Campaigners in China aren’t the only ones feeling the heat from an overbearing communist regime. While global attention has been focused on the detention of Chinese artist and activist Ai Weiwei, dissidents in Vietnam have also been receiving heavy sentences for what the government terms ‘anti-state’ activities.
Last month, for example, saw an appeal by one of the most senior officials ever to be tried for dissent. Former Communist Party official Vi Duc Hoi, 54, was given a five-year jail sentence, with an additional three of house arrest. The sentence was, admittedly, a significant reduction compared with the eight years jail time and five years house arrest originally handed down. Still, Human Rights Watch wasn’t alone in describing the sentence as ‘very severe.’
And Hoi certainly isn’t alone.
Lawyer Cu Huy Ha Vu was sentenced to seven years jail and three years house arrest late last month, having been detained after allegedly being discovered in a hotel with a woman who wasn’t his wife. His laptop was seized, his house was searched and he was charged with anti-state activities.
The same month, Bui Chat, founder of Giay Vun Publishing, was also arrested after he returned from Buenos Aires where he travelled to collect the Freedom to Publish award from the International Publishers Association. He was later released, but is said to be facing ongoing surveillance.
Last year, a blogger was arrested after she posted an entry describing a high-ranking official’s son as a womanizer. She was finally released last month, with authorities quoted in the local press saying she’d been sufficiently ‘cautioned.’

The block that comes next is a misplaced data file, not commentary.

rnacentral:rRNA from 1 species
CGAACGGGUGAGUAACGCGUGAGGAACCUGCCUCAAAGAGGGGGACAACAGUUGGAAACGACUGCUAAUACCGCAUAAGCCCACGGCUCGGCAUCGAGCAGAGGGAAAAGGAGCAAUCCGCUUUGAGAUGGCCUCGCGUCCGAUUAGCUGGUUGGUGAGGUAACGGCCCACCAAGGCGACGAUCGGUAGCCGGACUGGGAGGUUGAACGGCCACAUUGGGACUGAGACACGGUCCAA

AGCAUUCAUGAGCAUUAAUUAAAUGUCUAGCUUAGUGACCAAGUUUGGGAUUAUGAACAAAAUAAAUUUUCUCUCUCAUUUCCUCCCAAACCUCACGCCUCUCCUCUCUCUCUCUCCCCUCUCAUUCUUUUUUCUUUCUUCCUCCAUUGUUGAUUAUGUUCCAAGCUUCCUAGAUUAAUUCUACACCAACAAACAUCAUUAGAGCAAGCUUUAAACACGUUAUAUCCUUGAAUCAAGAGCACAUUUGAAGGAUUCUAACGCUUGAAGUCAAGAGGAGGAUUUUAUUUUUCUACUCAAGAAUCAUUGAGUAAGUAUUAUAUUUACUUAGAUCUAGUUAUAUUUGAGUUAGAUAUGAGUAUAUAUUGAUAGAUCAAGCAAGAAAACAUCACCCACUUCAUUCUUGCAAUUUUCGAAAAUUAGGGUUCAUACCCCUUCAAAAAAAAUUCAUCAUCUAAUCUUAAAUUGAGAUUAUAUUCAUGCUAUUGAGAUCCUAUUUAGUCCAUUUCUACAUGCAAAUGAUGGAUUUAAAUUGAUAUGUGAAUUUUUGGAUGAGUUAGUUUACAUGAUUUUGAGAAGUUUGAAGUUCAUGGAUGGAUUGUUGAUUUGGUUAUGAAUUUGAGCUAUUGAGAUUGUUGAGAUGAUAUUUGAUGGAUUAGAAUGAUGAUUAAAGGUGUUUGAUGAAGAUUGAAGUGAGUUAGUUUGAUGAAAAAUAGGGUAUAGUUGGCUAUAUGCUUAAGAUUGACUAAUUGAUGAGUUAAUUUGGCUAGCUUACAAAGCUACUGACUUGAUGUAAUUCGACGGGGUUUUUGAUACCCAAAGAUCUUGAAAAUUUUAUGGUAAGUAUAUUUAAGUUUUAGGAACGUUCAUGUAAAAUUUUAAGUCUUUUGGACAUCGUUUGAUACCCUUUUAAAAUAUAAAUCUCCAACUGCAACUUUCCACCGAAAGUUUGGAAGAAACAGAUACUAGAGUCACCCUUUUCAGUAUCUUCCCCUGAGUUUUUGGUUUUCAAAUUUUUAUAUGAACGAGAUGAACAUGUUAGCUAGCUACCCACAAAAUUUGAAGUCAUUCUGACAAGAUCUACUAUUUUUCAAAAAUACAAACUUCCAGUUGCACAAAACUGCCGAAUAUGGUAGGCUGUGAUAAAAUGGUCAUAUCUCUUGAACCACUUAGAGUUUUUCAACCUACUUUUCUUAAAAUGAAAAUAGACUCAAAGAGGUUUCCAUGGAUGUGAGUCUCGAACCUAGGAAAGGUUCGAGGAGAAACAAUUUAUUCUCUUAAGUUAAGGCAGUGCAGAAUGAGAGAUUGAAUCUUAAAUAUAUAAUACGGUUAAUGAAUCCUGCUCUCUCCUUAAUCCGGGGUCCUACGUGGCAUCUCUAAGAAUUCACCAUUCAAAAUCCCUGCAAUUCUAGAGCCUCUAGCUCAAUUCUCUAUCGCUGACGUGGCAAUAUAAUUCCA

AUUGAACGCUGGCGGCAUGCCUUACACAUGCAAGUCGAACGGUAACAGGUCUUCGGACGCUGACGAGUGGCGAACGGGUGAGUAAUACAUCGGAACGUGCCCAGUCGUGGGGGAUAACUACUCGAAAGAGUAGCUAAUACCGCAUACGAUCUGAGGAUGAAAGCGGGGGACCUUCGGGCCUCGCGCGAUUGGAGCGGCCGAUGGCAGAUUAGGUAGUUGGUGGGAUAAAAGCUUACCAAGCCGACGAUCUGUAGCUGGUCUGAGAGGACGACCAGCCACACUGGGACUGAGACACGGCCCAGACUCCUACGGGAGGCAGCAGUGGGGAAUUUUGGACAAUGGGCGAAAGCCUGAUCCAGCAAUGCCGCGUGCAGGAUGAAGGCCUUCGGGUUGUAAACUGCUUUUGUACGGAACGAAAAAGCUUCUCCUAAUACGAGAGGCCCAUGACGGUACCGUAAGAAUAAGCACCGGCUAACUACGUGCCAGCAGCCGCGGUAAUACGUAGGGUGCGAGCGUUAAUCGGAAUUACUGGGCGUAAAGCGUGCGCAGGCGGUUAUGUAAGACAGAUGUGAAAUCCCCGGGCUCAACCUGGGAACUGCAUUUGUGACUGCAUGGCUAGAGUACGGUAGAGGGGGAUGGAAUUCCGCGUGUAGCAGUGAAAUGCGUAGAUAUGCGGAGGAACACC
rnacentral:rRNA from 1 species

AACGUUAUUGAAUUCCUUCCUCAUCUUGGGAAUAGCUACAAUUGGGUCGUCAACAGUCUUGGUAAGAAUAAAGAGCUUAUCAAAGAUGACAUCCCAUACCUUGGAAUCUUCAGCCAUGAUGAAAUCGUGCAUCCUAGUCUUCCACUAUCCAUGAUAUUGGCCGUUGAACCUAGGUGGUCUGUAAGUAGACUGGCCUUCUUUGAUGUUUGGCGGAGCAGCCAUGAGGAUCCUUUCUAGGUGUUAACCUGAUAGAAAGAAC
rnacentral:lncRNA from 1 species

It’s often said that in all things security, Vietnam treads a similar path to China. Certainly, Beijing is in the midst of what many see as the most intense crackdown in years on dissidents over fears that the so-called Arab Spring could reach Asia’s shores. And for those looking for interesting parallels, Cu Huy Ha Vu’s case offers a particularly striking one.
Cu Huy Ha Vu comes from first-rate communist stock—the son of a famed poet who was a close confidant of Ho Chi Minh. This has an eerie parallel with China’s Ai—arrested in Beijing en route to Hong Kong—who himself is the son of a celebrated poet and who was previously thought by many to be untouchable.
Yet it would be wrong to try too hard to tie together events in Vietnam and China. For one, the intense ‘wider’ crackdown in Vietnam can actually be traced back to 2007.
‘It started after Hanoi got what it wanted—WTO accession—and has continued since,’ says Duy Hoang, spokesman for democracy organization Viet Tan, which is itself banned in Vietnam. ‘And the crackdown wasn’t a response to the 11th Party Congress, but to the regime’s growing nervousness over the growing democracy movement and blogosphere.’
Up until mid-January, most of the recent repressive measures were interpreted as a bit of house cleaning prior to the Congress. The blocking of Facebook (first haphazardly in 2009, then intensified in the days leading up to the event), various arrests and even the supposed crackdown on illegal Chinese labour were all seen as part of this pre-Congress sanitising. After all, the reasoning went, no one wanted dissenters around asking questions prior to an event whose main purpose is ensuring one-party supremacy. Warring factions within the Communist Party, meanwhile, were determined to prove they weren’t soft on security.